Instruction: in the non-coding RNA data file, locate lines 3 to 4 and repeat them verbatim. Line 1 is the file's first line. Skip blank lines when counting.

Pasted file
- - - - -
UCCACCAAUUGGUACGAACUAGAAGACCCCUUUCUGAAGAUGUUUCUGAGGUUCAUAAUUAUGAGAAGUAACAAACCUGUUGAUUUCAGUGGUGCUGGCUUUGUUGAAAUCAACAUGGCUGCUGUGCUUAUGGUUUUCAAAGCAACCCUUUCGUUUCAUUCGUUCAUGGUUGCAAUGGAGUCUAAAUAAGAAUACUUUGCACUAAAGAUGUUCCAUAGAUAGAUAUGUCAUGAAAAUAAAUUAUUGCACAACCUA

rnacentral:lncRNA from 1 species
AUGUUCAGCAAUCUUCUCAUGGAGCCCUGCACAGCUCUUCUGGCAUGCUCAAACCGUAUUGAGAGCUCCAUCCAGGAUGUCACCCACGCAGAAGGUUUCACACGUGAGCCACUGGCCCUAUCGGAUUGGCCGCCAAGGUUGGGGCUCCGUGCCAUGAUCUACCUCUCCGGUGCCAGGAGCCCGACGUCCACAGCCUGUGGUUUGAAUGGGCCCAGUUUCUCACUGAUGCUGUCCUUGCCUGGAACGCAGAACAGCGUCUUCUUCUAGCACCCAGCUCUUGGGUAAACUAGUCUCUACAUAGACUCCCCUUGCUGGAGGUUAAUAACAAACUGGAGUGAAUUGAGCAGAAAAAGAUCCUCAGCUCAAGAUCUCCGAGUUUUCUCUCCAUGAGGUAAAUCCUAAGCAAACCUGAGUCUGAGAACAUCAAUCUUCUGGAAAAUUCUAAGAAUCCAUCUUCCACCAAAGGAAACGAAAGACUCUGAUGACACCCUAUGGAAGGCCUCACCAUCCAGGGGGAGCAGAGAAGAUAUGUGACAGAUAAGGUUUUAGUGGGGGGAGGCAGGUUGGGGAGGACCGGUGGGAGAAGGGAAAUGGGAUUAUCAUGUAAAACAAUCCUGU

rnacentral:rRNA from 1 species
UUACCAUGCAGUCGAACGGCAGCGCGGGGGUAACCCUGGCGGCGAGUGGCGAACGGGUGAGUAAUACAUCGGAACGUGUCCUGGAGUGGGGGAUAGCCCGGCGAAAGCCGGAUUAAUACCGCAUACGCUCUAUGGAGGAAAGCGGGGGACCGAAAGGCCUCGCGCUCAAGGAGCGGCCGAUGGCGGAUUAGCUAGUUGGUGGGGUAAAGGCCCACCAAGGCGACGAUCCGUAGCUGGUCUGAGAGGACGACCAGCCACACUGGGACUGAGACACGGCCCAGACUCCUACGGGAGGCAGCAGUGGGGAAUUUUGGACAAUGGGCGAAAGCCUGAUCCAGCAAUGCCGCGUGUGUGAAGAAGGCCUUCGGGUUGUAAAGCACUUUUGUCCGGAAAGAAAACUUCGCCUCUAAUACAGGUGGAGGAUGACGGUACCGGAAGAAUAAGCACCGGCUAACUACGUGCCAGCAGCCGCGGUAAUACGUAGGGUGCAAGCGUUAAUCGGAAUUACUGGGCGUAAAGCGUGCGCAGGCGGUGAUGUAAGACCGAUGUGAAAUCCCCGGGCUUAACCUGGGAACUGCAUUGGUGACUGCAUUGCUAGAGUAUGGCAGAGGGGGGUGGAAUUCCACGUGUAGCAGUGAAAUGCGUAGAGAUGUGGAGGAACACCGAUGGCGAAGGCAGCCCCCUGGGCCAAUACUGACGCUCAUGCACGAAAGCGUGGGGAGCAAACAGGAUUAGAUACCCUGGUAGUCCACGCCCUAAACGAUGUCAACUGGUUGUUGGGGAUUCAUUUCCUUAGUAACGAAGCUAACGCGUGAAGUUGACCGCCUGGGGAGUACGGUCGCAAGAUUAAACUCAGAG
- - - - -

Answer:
AUGUUCAGCAAUCUUCUCAUGGAGCCCUGCACAGCUCUUCUGGCAUGCUCAAACCGUAUUGAGAGCUCCAUCCAGGAUGUCACCCACGCAGAAGGUUUCACACGUGAGCCACUGGCCCUAUCGGAUUGGCCGCCAAGGUUGGGGCUCCGUGCCAUGAUCUACCUCUCCGGUGCCAGGAGCCCGACGUCCACAGCCUGUGGUUUGAAUGGGCCCAGUUUCUCACUGAUGCUGUCCUUGCCUGGAACGCAGAACAGCGUCUUCUUCUAGCACCCAGCUCUUGGGUAAACUAGUCUCUACAUAGACUCCCCUUGCUGGAGGUUAAUAACAAACUGGAGUGAAUUGAGCAGAAAAAGAUCCUCAGCUCAAGAUCUCCGAGUUUUCUCUCCAUGAGGUAAAUCCUAAGCAAACCUGAGUCUGAGAACAUCAAUCUUCUGGAAAAUUCUAAGAAUCCAUCUUCCACCAAAGGAAACGAAAGACUCUGAUGACACCCUAUGGAAGGCCUCACCAUCCAGGGGGAGCAGAGAAGAUAUGUGACAGAUAAGGUUUUAGUGGGGGGAGGCAGGUUGGGGAGGACCGGUGGGAGAAGGGAAAUGGGAUUAUCAUGUAAAACAAUCCUGU

rnacentral:rRNA from 1 species